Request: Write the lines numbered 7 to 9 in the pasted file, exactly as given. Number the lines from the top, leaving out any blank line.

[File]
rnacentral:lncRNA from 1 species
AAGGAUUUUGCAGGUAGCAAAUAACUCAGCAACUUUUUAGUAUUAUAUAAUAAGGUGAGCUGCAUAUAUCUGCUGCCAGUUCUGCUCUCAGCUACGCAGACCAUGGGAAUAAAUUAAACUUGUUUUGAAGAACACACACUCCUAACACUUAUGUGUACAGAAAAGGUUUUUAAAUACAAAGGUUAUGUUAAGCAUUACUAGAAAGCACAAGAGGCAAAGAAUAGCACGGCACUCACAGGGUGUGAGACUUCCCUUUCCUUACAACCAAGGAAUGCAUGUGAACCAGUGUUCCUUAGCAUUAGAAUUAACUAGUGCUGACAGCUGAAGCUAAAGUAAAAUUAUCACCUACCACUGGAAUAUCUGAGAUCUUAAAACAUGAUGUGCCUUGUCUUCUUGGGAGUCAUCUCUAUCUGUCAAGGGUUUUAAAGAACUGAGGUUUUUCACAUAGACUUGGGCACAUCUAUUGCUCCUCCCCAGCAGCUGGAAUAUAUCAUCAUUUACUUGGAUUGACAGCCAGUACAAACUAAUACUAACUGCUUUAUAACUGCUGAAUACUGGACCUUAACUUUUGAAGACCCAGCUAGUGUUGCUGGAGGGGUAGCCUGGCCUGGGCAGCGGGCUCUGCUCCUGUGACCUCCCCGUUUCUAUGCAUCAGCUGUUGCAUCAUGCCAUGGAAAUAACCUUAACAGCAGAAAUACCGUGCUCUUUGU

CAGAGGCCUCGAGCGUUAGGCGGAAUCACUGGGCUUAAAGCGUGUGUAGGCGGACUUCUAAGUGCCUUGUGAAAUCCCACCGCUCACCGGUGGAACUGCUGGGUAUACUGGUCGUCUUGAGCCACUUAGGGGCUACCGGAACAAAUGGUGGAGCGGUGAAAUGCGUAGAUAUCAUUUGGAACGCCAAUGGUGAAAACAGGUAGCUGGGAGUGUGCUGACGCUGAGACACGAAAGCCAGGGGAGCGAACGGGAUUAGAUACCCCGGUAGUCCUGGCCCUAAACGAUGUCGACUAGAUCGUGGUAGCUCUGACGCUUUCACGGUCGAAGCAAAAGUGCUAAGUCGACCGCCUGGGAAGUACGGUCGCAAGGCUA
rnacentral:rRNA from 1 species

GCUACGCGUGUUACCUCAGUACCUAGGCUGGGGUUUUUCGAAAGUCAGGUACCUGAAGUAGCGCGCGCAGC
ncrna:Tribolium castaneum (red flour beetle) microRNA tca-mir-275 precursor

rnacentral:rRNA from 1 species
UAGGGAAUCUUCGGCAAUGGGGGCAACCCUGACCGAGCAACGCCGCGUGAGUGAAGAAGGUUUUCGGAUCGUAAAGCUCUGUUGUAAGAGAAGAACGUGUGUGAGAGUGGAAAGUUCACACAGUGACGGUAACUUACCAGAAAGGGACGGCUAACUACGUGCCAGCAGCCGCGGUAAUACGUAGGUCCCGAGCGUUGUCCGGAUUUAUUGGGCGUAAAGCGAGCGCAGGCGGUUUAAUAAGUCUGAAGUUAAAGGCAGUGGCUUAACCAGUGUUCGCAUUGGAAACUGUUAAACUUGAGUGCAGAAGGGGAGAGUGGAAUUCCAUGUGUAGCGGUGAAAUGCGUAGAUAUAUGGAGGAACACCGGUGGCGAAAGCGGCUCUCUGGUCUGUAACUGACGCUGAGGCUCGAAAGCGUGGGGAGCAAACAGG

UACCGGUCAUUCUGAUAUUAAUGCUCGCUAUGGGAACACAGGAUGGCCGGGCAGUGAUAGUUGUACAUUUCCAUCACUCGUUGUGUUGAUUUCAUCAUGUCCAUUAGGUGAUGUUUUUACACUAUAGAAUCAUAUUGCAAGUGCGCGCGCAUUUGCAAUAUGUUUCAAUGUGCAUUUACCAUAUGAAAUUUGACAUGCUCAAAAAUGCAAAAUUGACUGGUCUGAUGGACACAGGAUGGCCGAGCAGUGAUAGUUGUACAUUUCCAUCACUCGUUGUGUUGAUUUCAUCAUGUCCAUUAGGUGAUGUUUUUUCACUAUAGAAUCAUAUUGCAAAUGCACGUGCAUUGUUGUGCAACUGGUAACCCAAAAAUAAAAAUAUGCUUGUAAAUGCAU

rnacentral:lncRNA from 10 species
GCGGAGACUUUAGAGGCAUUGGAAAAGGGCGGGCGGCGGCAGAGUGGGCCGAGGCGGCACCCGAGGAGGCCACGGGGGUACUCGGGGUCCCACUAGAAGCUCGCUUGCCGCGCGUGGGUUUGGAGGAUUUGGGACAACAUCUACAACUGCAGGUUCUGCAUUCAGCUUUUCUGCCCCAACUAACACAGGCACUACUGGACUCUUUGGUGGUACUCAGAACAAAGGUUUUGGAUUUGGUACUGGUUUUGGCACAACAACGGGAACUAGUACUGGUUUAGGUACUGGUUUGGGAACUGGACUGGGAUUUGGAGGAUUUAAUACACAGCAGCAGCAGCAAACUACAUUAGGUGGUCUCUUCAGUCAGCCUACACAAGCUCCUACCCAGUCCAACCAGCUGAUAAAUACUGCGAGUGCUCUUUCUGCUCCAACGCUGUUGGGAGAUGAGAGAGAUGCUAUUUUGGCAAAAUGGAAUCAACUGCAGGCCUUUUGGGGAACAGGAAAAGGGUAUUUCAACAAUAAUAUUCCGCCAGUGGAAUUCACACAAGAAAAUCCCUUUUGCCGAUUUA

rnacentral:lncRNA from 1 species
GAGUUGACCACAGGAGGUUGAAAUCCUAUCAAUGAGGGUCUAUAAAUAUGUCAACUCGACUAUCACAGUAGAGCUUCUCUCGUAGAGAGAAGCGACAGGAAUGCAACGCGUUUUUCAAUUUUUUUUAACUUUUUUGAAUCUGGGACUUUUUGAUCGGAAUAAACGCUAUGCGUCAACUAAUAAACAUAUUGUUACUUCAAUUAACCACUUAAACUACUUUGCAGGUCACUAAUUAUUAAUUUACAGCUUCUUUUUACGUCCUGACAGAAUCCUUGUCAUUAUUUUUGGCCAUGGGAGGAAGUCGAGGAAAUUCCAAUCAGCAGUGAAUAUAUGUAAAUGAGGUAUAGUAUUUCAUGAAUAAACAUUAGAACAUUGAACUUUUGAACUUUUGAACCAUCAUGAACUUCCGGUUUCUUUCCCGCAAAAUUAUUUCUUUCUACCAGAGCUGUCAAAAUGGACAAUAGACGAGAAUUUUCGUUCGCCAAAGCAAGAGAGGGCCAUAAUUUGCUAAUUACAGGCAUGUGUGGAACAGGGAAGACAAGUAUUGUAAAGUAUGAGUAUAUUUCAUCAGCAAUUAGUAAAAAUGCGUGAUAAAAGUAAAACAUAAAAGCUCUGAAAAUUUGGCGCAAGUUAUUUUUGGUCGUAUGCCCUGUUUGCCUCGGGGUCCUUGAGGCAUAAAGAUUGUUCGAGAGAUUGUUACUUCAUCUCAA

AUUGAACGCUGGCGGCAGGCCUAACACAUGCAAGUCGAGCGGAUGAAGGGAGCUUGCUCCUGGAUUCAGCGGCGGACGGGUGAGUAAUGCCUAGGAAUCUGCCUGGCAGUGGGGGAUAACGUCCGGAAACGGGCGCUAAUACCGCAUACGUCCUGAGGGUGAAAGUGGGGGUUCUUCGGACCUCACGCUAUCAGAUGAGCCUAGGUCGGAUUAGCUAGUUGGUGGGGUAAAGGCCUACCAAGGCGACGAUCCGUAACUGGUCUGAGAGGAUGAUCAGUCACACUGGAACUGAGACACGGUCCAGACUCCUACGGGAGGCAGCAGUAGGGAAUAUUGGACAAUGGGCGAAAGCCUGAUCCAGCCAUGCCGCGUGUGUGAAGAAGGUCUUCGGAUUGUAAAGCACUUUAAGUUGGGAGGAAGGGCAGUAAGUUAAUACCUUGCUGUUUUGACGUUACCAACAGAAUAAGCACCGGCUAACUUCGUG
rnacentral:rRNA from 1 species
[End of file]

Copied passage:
rnacentral:rRNA from 1 species
UAGGGAAUCUUCGGCAAUGGGGGCAACCCUGACCGAGCAACGCCGCGUGAGUGAAGAAGGUUUUCGGAUCGUAAAGCUCUGUUGUAAGAGAAGAACGUGUGUGAGAGUGGAAAGUUCACACAGUGACGGUAACUUACCAGAAAGGGACGGCUAACUACGUGCCAGCAGCCGCGGUAAUACGUAGGUCCCGAGCGUUGUCCGGAUUUAUUGGGCGUAAAGCGAGCGCAGGCGGUUUAAUAAGUCUGAAGUUAAAGGCAGUGGCUUAACCAGUGUUCGCAUUGGAAACUGUUAAACUUGAGUGCAGAAGGGGAGAGUGGAAUUCCAUGUGUAGCGGUGAAAUGCGUAGAUAUAUGGAGGAACACCGGUGGCGAAAGCGGCUCUCUGGUCUGUAACUGACGCUGAGGCUCGAAAGCGUGGGGAGCAAACAGG

UACCGGUCAUUCUGAUAUUAAUGCUCGCUAUGGGAACACAGGAUGGCCGGGCAGUGAUAGUUGUACAUUUCCAUCACUCGUUGUGUUGAUUUCAUCAUGUCCAUUAGGUGAUGUUUUUACACUAUAGAAUCAUAUUGCAAGUGCGCGCGCAUUUGCAAUAUGUUUCAAUGUGCAUUUACCAUAUGAAAUUUGACAUGCUCAAAAAUGCAAAAUUGACUGGUCUGAUGGACACAGGAUGGCCGAGCAGUGAUAGUUGUACAUUUCCAUCACUCGUUGUGUUGAUUUCAUCAUGUCCAUUAGGUGAUGUUUUUUCACUAUAGAAUCAUAUUGCAAAUGCACGUGCAUUGUUGUGCAACUGGUAACCCAAAAAUAAAAAUAUGCUUGUAAAUGCAU